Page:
Batik has been around for centuries, in lands as diverse as Japan, India, and Egypt. As an art form that grew and thrived in multiple cultures before the time of recorded history, it is impossible to trace its direct origins, but there is no doubt about its popularity in West Africa today. Textiles have long played an important role in many African cultures, often carrying with them symbolic meaning, communicating social cues, and being used ceremonially. Batik gained popularity in the region as early as the sixteenth century, when Dutch soldiers and tradesmen brought the fabrics from Indonesia, introducing them into coastal markets. Once there, the cloth spread inland and quickly became assimilated into local cultures, which then influenced the patterns being produced and made the fabric their own.
Today, Ghana is home to artisan producers whose creativity and skill transform this popular textile into a true art form. During the post-colonial era in the 1960s and 1970s, handmade batik took precedence over the mass-produced Dutch wax prints that dominated the market. Batik became an expression of post-colonial identity and reclamation of cultural pride. Though the production of handmade batik textiles suffered over subsequent decades when the market was flooded with inexpensive, mass-produced fabric from Asia, it has since experienced a revival. As a craft that requires little in the way of expensive tools, batik does not require too much in the way of start-up costs, making it an ideal handicraft for artisans looking for self-expression and income through their craft.
The process of making batik uses wax resist to block areas of the fabric from taking on dye. The design must be envisioned as negative space, and multiple colors require many steps as the process is repeated for each additional dye. Artisans start with white cotton fabric, and using a stamp made of carved wood or thick foam (and sometimes paint brushes for finer details), they apply a mix of hot melted paraffin and beeswax. The combination of these two kinds of wax is necessary to control the ease of application and the amount of cracking when the wax dries. After the first stamping is done, the fabric is dipped in a large vat of dye. Any part of the cloth covered in wax will remain white. The first dye used must be the brightest color in the final pattern.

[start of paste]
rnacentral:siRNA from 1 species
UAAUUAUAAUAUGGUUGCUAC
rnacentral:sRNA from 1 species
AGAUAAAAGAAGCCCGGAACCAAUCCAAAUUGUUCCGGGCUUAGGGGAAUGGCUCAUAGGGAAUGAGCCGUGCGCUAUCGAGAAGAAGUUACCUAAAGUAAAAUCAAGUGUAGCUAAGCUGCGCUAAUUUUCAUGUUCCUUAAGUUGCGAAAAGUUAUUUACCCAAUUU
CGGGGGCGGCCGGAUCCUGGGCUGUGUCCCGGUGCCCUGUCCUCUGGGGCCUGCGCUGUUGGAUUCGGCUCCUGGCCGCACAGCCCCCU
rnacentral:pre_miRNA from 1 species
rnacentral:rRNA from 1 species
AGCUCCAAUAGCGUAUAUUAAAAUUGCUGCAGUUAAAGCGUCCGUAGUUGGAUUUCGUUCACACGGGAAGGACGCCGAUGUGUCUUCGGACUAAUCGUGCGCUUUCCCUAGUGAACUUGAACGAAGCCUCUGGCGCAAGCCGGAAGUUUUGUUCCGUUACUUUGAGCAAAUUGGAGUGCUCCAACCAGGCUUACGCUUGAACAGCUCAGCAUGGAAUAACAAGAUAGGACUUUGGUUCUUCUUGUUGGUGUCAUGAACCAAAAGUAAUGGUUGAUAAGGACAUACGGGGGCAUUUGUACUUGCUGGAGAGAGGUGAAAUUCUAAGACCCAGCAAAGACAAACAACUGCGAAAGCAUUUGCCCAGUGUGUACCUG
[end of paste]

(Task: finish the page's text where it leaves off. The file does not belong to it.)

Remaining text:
After the initial application of wax and dye, fabric that will have more than one color in its pattern must go through the process again for each additional color. The once dyed fabric is gently rinsed and allowed to hang dry. Then, process is repeated. Each time wax is applied, the fabric will retain its current color; thus, the design is created from the lightest to the darkest color, with any completely uncovered part of the fabric taking on the color created by all of the dyes to which it has been exposed during the process.
When all the dying is finished and the final pattern is complete, the fabric is boiled to remove the wax. Artisans boil the fabric in a large metal pot, skimming off the wax as it melts and leaves the fabric; the recovered wax is then collected and can be reused. Once again, the fabric is hung out to dry. The finished textile is not only a beautiful, unique creation — trace amounts of wax left in the fabric make it resistant to stains, an added benefit of the process.
Just as the layers of wax and dye create a complex and special textile, the years of history and cultural tradition in Ghanaian culture imbue this craft with meaning to its creators. It is a form of self-expression, but that expression takes form within a great framework of deeply meaningful cultural symbols, ceremonies, and the post-colonial struggle for a unique, African identity.
Its layers are what make batik so beautiful.